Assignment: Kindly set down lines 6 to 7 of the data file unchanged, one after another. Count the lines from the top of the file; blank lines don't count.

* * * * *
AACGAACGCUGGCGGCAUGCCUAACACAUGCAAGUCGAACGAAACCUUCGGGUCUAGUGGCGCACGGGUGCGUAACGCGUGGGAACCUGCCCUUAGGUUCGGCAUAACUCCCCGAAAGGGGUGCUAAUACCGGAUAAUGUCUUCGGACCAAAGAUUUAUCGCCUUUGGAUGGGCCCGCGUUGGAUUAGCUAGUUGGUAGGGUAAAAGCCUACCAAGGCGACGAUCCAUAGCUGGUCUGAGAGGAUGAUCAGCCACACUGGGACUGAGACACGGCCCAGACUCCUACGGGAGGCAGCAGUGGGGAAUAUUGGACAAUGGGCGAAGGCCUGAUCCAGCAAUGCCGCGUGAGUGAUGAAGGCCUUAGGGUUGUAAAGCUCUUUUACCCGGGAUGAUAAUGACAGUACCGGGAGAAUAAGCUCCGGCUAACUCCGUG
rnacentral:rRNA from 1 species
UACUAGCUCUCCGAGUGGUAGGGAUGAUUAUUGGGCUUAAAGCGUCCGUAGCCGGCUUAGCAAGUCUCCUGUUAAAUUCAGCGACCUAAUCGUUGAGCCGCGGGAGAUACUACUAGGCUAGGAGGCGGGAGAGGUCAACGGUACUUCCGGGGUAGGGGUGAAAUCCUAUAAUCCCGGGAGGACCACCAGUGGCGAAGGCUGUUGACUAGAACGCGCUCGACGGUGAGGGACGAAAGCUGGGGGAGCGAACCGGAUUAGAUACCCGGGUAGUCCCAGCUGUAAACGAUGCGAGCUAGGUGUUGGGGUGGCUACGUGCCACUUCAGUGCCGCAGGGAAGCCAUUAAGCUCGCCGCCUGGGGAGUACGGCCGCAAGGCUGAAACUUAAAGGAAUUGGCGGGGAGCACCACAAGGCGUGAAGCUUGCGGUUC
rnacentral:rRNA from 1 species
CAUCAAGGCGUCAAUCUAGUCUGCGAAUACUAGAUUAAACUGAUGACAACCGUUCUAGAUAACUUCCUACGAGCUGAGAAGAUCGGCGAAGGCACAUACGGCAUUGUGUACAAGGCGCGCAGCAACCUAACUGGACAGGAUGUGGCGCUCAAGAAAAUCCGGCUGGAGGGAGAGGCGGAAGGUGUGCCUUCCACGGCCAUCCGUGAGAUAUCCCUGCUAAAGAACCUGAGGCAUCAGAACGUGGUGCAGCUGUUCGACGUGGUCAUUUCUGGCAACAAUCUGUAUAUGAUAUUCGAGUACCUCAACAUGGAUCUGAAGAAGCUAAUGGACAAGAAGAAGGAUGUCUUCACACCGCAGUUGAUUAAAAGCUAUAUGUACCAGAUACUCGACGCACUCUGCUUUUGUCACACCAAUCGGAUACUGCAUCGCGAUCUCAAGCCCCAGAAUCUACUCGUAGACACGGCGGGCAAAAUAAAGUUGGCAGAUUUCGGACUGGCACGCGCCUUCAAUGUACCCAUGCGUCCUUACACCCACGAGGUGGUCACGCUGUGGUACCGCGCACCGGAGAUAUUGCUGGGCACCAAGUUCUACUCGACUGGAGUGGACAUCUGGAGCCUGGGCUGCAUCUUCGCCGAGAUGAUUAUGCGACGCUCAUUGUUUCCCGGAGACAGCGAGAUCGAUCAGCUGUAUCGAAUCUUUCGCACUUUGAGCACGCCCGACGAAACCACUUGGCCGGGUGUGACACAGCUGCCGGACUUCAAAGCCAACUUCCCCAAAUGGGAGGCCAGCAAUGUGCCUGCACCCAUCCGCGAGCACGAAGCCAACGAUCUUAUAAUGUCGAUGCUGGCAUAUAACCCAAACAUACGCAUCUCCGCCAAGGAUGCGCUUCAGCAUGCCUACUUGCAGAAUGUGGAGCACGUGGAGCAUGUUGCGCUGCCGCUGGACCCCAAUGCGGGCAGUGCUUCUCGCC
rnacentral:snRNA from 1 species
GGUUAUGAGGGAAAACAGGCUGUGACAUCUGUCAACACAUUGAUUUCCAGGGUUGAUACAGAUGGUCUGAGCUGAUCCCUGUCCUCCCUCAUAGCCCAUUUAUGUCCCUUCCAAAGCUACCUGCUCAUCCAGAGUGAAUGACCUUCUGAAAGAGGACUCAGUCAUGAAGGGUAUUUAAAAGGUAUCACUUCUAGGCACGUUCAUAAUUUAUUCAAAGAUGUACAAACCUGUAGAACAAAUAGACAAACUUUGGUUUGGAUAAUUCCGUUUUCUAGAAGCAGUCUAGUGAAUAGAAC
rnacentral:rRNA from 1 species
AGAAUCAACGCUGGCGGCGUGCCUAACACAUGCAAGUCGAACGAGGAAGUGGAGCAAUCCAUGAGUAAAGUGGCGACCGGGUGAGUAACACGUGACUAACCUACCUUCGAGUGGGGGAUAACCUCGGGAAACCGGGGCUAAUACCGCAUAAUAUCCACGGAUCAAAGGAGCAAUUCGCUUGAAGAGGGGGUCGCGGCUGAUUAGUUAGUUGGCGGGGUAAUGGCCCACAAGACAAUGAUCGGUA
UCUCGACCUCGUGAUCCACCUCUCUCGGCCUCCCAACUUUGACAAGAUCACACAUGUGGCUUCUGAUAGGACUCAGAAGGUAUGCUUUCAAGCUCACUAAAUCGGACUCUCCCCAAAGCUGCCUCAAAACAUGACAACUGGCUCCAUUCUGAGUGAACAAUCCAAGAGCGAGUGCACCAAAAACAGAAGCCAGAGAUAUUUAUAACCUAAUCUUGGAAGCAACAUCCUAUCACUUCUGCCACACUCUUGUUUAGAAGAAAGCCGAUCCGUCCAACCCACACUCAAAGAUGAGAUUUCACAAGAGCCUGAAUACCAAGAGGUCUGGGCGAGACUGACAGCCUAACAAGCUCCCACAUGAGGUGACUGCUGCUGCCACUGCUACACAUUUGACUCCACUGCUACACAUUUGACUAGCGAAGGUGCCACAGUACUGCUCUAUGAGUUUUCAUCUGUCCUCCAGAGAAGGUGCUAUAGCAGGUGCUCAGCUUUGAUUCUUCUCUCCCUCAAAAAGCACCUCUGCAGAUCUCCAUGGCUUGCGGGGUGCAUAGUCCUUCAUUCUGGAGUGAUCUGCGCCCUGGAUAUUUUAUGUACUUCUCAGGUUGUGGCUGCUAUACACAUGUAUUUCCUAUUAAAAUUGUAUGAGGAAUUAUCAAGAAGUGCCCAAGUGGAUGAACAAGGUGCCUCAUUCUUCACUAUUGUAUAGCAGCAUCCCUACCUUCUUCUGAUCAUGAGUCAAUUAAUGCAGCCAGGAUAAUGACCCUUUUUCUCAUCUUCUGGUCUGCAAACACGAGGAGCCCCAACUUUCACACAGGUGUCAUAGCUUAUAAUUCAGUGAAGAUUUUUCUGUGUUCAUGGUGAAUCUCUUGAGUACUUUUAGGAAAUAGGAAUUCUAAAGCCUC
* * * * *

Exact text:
rnacentral:snRNA from 1 species
GGUUAUGAGGGAAAACAGGCUGUGACAUCUGUCAACACAUUGAUUUCCAGGGUUGAUACAGAUGGUCUGAGCUGAUCCCUGUCCUCCCUCAUAGCCCAUUUAUGUCCCUUCCAAAGCUACCUGCUCAUCCAGAGUGAAUGACCUUCUGAAAGAGGACUCAGUCAUGAAGGGUAUUUAAAAGGUAUCACUUCUAGGCACGUUCAUAAUUUAUUCAAAGAUGUACAAACCUGUAGAACAAAUAGACAAACUUUGGUUUGGAUAAUUCCGUUUUCUAGAAGCAGUCUAGUGAAUAGAAC